Marc Mauer, assistant director of the Sentencing Project and
co-author of the voting report, likens the practice of disenfranchising
felons to Jim Crow literacy tests and poll taxes. "I don't
think it's designed to disenfranchise African Americans, but that's
been the impact," he says.
In some states where felons are denied the right to vote,
activists and sympathetic legislators are asking that the laws
be changed so millions of people can again have a voice in the
"At a time when there are attacks on affirmative action
and other rights that blacks have fought so hard for, a good percentage
of our population can't even vote and help stem the tide against
this kind of thing," says Gwen Patton, a voting rights activist
and professor at H. Council Trenholm State Technical College in
"This is a major issue for us," says Earl Shinhoster,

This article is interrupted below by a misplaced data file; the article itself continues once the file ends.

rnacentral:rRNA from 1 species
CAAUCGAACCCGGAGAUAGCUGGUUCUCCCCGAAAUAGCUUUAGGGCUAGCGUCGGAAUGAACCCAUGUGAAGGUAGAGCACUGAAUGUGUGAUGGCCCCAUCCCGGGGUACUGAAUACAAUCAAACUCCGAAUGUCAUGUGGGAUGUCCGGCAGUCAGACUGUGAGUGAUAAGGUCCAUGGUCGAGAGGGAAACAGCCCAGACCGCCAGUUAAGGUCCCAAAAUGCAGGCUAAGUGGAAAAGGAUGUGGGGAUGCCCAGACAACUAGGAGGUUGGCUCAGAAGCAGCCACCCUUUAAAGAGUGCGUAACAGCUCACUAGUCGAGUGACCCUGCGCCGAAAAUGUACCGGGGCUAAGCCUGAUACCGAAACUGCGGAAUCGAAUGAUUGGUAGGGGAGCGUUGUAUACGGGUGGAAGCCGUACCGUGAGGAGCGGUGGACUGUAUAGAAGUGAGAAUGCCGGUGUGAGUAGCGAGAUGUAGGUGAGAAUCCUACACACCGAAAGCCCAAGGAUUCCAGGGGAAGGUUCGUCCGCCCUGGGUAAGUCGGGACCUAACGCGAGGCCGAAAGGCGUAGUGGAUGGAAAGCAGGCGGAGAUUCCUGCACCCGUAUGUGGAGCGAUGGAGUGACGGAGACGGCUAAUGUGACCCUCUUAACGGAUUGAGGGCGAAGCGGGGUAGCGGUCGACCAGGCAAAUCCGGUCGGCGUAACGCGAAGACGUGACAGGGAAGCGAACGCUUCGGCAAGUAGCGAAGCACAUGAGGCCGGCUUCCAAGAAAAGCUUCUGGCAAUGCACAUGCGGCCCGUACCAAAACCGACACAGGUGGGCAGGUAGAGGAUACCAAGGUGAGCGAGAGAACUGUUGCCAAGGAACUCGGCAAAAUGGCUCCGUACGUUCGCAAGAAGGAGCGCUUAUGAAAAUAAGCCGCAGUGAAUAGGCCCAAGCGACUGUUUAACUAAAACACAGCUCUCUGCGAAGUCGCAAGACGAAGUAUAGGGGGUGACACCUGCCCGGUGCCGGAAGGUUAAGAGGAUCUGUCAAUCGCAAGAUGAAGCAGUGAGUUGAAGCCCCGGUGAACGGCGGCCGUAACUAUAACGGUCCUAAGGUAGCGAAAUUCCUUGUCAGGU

director of voter empowerment for the NAACP, which is waging a
massive voter education campaign centered on the issue of suffrage
for former felons. "You have to make the public aware of
these things-that's the key. Given the feeling among most whites
and even blacks, they could give a damn. We have to show them
why this is important."
Selma, Alabama, Derrick Gayle's hometown, is a shrine of the
civil rights movement. It was here that dozens of civil rights
activists, including current Congressman John Lewis, Democrat
of Georgia, were beaten by police as they tried to cross the Edmond